Barbara Tober Wiki
Barbara Tober Biography
Barbara Tober is the wife of Donald Tober, whom she married on April 3, 1973. Barbara spent more than four decades in the world of corporate advertising and magazines, most of which was spent at Condé Nast Publications, where She was editor-in-chief of BRIDES Magazine for 30 years.
When people get married, other people work, ”she once told the LA Times. A wedding brings financial health… It is a great banquet that everyone can live on. It makes a huge economic sense for me. ”
Barbara is now the president of Acronym, Inc., a company that invests in art-related projects. She served for 15 years as chair of the board of directors of the Museum of Art and Design in New York City.
She is now serving as president emeritus. and she’s on the International Museum Council.
Donald Tober, whose Sugar Foods Corp. marketed Sweet ‘N Low sugar substitute and other restaurant supplies. Mr. Tober and Stephen Odell owned Sugar Foods, founded in 1948 by Mr. Tober’s father, Harry Tober. The company originally sold sugar in 100-pound bags, but later found it to be much more profitable to sell it in small packages designed for restaurants and cafes. Sugar Foods didn’t make Sweet ‘N Low, but they made the brand’s pink packets a staple in restaurants. In recent years, Sugar Foods has sold the N’Joy brand of sweeteners instead of Sweet ‘N Low.
Sweet ‘N Low, made with saccharin, was introduced in 1957 by Cumberland Packing Corp. of Brooklyn, founded by Ben Eisenstadt. The name Sweet ‘N Low comes from a poem by Alfred, Lord Tennyson.
Donald Gibbs Tober was born in 1931 and raised in New York. When he was a child, he sometimes helped his father deliver sugar. He earned a bachelor’s degree from the University of Pennsylvania and a law degree from Harvard University. After working as a lawyer, he joined his father’s company in 1958.
At the helm of Sugar Foods, Tober turned the company’s flagship product, Sweet ‘N Low, and its ubiquitous little pink packets, into a mainstay on kitchen countertops and restaurant tables across the country, along with Sugar. in the Raw and Nâ € ™ Joy Non-Dairy Cream.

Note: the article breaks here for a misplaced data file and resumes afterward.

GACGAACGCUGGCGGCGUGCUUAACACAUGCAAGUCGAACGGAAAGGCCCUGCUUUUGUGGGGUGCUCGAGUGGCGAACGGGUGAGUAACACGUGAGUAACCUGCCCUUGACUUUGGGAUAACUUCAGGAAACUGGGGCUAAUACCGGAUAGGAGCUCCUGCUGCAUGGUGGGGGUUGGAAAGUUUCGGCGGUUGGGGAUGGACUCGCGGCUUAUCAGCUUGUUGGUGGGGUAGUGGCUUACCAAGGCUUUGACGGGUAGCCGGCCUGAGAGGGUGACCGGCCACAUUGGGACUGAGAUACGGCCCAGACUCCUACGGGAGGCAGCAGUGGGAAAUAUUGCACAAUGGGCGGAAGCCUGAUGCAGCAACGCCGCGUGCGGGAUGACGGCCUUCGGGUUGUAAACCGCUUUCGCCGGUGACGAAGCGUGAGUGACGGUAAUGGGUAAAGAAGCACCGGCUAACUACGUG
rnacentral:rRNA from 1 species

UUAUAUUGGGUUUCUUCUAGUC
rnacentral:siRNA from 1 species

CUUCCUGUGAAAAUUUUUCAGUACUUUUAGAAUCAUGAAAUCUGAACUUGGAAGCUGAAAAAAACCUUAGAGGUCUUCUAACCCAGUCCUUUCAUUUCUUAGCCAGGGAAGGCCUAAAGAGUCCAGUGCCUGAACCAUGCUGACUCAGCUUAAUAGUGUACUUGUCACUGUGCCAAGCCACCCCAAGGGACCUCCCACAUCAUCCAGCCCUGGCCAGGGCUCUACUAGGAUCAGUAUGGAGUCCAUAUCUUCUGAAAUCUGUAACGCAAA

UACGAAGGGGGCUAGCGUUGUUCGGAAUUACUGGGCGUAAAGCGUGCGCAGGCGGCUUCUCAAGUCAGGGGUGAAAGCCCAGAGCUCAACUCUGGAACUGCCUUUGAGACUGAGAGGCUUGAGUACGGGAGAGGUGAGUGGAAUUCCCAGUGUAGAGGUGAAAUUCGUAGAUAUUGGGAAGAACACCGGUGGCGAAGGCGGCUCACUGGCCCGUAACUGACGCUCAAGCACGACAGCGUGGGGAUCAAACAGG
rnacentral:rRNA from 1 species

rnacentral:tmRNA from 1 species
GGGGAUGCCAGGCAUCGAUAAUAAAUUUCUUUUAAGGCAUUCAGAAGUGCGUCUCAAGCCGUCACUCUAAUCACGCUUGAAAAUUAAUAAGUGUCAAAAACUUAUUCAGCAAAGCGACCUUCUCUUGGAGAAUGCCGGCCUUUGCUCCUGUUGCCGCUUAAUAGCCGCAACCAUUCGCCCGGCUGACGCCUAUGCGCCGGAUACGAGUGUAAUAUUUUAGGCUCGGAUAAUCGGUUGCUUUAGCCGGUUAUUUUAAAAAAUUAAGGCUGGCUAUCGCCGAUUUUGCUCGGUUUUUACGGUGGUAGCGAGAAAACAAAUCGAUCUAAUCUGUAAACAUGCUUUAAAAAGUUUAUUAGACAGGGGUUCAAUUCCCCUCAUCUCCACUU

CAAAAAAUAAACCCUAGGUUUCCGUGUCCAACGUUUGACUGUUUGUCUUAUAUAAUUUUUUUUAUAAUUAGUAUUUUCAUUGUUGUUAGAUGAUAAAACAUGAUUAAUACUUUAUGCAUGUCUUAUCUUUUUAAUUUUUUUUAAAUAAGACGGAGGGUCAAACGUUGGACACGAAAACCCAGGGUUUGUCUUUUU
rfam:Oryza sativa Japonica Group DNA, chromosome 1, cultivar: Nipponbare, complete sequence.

“Basically, we are concerned about everything around the cup of coffee,” Tober told Restaurant News in 1995. “We are very focused.”
In the mid-1990s, about 80 percent of foodservice establishments were using Sweet’N Low; the sweetener also dominated more than 80 percent of the market for sugar substitutes, Restaurant News reported.
Barbara Tober Age
Barbara Tober is 86 years old.
Donald Tober and Barbara Tober
Mr. Tober, who had Parkinson’s disease, was married to Barbara Tober, a former editor of Bride magazine. They lived on Park Avenue in Manhattan and had a horse farm in Dutchess County in New York. Mr. Tober also once had a thoroughbred named Sweet’N Low who competed in horse show jumping events.
Donald Tober Death
Donald Tober, whose Sugar Foods Corp. marketed Sweet ‘N Low sugar substitute and other restaurant supplies, died Friday in what New York police described as a suicide. He was 89 years old.
An 89-year-old wealthy artificial sweetener mogul who made Sweet ‘N Low a household name committed suicide by jumping from his apartment building on Park Avenue, law enforcement sources told The Post.
Donald Tober, CEO and co-owner of New York-based Sugar Foods with 1,400 employees, jumped to his death just after 5 a.m. Friday, and was found in the courtyard of the luxurious Upper East Side building between the streets. 65 and 66, the sources said.
He was battling Parkinson’s disease, sources said. Odell told The Post that he was a Tober business partner for 51 years. He was larger than life, ”Odell said. â € œHe made everyone feel special, everyone. He is an icon and he always will be.
Tober was battling a “devastating” illness, “especially for someone as active as him,” added Odell. Still, the suicide was a shock.
â € œI spoke to him yesterday, and certainly not. There was no indication. ”
Cause of death
He committed suicide by jumping from his apartment building on Park Avenue, law enforcement sources told The Post.